Reasonable Cause Inc. has entered into a joint project agreement with Cambodian Children’s Fund (“CCF”) to support the Digital Literacy Program for primary school aged children at Prek Toil, a small village in Steung Meanchey, an area in Phnom Penh that suffers significant disadvantage. This school acts as a feeder school for the Neeson-Cripps Academy – a non-selective high school with a particular focus on STEM subjects. The Year 12 cohort from this school sees 86% of its graduates progress to university with full scholarships provided by CCF.
The Steung Meanchy district was previously host to one of the largest garbage dumps in Southeast Asia. It accepted waste from chemical companies, heavy industry and hospitals. It was an environmentally toxic and dangerous place. Impoverished children would scavenge on the garbage dump in order to survive.
CCF was founded in 2004 with a vision to lift the Steung Meanchy community out of poverty and to provide hope through education. CCF has a comprehensive set of programs including healthcare, housing, food, clean water and others in order to ensure better access to education. CCF offsets lost income from child labour.
CCF provides transportation to students and materials needed to succeed in school studies. Students spend half of each day attending public school classes and the other half of each day attending specialised CCF classes. Students who have fallen behind in schooling are placed in a program designed to support them and catch them up to their peers. CCF also provides a variety of additional learning opportunities, including a variety of after school STEM (Science, Technology, Engineering, Maths) focused clubs, extra cultural and artistic classes, physical education facilities, and more.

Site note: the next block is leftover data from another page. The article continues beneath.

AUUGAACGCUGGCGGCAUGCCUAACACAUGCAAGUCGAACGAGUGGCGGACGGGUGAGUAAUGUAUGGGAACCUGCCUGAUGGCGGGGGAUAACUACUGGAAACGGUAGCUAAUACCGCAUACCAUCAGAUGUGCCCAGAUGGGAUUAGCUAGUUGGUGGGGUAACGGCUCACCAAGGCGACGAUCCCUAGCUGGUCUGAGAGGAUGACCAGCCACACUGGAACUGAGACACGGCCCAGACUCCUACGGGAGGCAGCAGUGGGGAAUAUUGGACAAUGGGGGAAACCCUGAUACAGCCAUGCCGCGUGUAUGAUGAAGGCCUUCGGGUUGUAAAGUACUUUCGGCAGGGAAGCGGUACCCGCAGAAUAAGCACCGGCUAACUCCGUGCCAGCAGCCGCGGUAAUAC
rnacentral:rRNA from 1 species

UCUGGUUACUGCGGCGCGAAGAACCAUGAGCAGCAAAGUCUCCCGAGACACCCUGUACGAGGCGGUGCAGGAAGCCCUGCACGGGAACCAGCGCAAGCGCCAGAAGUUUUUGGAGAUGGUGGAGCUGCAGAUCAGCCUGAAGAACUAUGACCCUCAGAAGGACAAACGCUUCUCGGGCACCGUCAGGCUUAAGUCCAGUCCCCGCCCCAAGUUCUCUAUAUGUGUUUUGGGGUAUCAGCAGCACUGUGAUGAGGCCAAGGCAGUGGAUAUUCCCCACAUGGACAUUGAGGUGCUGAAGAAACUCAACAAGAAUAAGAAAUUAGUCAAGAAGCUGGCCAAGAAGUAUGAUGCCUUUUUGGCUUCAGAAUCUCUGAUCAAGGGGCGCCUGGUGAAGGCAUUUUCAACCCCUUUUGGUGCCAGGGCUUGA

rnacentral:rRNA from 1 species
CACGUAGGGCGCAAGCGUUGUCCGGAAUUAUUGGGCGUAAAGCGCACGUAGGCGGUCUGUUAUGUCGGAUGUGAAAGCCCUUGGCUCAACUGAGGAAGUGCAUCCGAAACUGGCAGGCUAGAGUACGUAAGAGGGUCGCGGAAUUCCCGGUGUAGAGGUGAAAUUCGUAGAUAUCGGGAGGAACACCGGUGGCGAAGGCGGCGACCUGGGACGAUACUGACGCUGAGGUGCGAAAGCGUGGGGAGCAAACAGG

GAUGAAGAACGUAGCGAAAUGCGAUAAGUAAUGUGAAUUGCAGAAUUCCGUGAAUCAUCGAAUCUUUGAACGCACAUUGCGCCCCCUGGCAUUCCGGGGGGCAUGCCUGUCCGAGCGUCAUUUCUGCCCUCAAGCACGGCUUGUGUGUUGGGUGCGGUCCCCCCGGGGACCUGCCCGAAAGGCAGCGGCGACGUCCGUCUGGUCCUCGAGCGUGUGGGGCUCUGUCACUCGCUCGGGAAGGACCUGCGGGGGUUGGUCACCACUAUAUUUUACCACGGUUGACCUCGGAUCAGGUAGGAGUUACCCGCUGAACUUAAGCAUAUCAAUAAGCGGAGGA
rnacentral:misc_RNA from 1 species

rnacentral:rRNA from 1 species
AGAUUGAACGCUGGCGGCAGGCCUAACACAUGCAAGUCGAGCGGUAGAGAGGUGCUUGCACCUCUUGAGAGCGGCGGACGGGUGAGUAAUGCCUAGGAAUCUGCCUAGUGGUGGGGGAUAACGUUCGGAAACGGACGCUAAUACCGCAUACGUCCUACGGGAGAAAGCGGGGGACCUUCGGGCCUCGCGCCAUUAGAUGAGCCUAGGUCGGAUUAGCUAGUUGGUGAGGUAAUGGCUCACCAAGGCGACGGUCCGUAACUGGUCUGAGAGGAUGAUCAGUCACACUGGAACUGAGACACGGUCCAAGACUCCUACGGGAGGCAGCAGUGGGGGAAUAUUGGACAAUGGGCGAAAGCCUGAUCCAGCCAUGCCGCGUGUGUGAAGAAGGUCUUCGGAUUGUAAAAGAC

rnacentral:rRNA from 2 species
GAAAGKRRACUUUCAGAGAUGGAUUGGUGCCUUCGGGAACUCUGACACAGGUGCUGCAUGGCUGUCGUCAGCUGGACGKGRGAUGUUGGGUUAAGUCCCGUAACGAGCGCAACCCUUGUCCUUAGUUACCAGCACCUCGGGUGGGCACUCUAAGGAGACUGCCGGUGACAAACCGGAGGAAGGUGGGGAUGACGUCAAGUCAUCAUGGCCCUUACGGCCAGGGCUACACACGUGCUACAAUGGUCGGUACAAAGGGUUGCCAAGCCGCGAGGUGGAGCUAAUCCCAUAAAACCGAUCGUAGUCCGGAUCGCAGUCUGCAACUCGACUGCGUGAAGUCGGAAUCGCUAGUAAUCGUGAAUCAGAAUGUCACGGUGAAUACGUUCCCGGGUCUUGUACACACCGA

Cambodia remains the poorest ASEAN country1 with 12.9% of its population still living below the international poverty line in 2018, according to the Asian Development Bank2 . 45% of those living in poverty are 19 years or younger. Unfortunately, COVID-19 had a devastating effect on Cambodia’s economy causing a 3.1% negative growth in 2020; the sharpest decline in its recent history.3
Economic struggle is the main driver behind the high child school dropout rates in Cambodia. In 2017 only 28% of Cambodia’s population has attained at least year 7 by the age of 15, while the remaining 72% of the 15-year-olds were either in years below 7 or had dropped out of school.4 Children are forced to leave schools either because their parents are unable to keep up with school expenses or in order to attain employment.5 The latter is evident in the relatively high child and youth labour, being 12.6%6 and 17.9%7 respectively.
This leaves children failing to meet learning standards appropriate for their age. Nearly 25% of children in year 3 cannot write at all while 27% of children aged 3 to 5 years are on track developmentally in literacy and numeracy. It is estimated that 55% of those will have dropped out of school by the age of 17 years.8
Reasonable Cause Inc. is proud to join with CCF in helping to overcome educational disadvantage by supporting the Digital Literacy Program at Prek Toil primary school.
- Programme for International Student Assessment for Development – National Report for Cambodia (a publication of the OECD) at pages 29 and 154.